This Program Is Working to Fix the Destruction of the War on Drugs
Elevating Black "cannapreneurs," one grant at a time
Jai Kensey worked in corporate global PR work before devoting herself to the nonprofit sector — and now to her current role in cannabis equity, as director of social impact at national cannabis retailer Green Thumb Industries. The brand’s Good Green Grant Program offers financial and industrial support to communities impacted by the War on Drugs, through education, employment and the expungement of criminal records. It’s on track to distribute $1 million in grant funds by the end of 2022.
InsideHook talked to the Chicago-based advocate about Good Green’s efforts to elevate Black cannapreneurs, one leafy network branch at a time.
InsideHook: Cannabis is radicalizing some folks. Can you tell me a little bit about your journey?
Jai Kensey: This isn’t something that’s just a job. I’ve lived this. My whole family smokes cannabis. My young nephew got wrapped up in something, and his white weed distributor received immunity just to testify against him. Now he has two cannabis felonies. We’re still working to try to get it expunged from his record.
Tell us about your work with Good Green and how it’s helping folks like your nephew.
Through the grant, we support organizations that support expungements for people. It’s important to support organizations that are in the trenches, doing the work. Our Good Green grant really focuses on three areas: expungement, education and employment. We really look to organizations across the US that can provide those services to individuals who have been impacted by the war on drugs.
Tell us about a few of the movements that Good Green has aligned with.
There are organizations out here doing some tremendous work. Reverend Michelle, for example, won a grant in our first round. Her organization, Why Not Prosper, supports women who are incarcerated and formerly incarcerated.
Growing Home in Chicago is another group we gave a Good Green grant. They’re providing workforce development. You hear testimonials from people who have had nothing, who are basically learning how to grow their own food, how to be more self-sufficient, how to come in and get a job, how to work in a garden, and how to leverage those skills to get into other job placements.
The Good Green grant has really given us an opportunity to tap into those organizations. When we talk about shining the light on us, it was really about shining light on those organizations and the work that they’re doing. We do the easy part, providing the resources to help fuel their missions. It’s our job and our duty to do that.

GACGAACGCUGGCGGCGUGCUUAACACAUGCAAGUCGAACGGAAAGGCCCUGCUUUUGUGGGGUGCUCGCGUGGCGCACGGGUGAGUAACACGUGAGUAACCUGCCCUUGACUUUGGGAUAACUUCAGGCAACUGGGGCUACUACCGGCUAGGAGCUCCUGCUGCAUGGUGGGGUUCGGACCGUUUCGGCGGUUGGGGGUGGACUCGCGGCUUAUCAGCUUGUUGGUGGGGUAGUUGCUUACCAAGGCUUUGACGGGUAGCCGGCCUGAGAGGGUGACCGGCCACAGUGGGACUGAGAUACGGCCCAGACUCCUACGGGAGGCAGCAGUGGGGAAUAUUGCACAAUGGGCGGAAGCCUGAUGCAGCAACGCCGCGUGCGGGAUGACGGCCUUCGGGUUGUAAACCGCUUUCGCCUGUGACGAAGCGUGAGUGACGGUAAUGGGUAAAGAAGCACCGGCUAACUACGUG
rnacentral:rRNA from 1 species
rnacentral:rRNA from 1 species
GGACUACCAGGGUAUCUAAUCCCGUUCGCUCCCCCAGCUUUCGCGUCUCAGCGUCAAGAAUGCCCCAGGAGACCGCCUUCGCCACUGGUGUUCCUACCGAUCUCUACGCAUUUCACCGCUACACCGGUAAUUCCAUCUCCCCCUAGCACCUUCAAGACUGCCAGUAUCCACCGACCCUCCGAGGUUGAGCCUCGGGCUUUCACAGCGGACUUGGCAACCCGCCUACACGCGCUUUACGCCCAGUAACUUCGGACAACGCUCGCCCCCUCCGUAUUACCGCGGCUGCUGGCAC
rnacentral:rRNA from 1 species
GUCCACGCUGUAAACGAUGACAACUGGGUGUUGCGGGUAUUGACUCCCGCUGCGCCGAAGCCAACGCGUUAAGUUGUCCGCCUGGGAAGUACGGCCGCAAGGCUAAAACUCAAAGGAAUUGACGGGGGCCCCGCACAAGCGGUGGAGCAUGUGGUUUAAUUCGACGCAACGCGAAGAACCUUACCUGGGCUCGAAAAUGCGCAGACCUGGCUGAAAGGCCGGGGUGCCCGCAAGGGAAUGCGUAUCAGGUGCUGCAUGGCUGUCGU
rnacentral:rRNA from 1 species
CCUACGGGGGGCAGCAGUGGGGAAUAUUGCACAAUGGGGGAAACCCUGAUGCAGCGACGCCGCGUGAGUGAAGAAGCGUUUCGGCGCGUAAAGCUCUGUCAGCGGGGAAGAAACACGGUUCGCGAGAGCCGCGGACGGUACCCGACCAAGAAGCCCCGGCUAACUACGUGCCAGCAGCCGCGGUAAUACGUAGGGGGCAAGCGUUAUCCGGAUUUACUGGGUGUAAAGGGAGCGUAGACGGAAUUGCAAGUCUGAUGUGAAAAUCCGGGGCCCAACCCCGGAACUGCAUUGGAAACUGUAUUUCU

So it sounds like your organization combines several different aspects, in addition to a standard incubator program for cannapreneurs.
We’ve sponsored a number of incubator programs, but we also have licensed educational assistance programs through the diversity, equity and inclusion pillar of our social impact efforts. Through that, we’ve helped with license applications for individual social equity applicants here in Illinois, and then we’ve hosted webinar series in Connecticut, where we might hear questions like “How do you fill out the application for the license?” “How do you walk through the portal so that you do it correctly — so you don’t make the mistake and miss out on an opportunity?” And “How do you even qualify to be a social equity applicant?”
Let’s chat more about your partnership with cannabis education. Why that extension?
It’s important for us to partner with organizations like Olive-Harvey and the Cleveland School of Cannabis [state-operated cannabis educational programs] and provide contributions to them for scholarships for the students. We also invite them in — they deserve to have that exposure, which might open their minds. There’s sort of an ocean of opportunities for them.
What misconceptions about working in cannabis would you like to address?
The dispensary door is not the only door to get into cannabis. There are tons of ancillary opportunities if you want to work in marketing, in community outreach, or in PR — whatever it might be. You can do whatever you want to do in this space. It doesn’t have to be plant-touching.
This article was featured in the InsideHook Chicago newsletter. Sign up now for more from the Windy City.
Suggested for you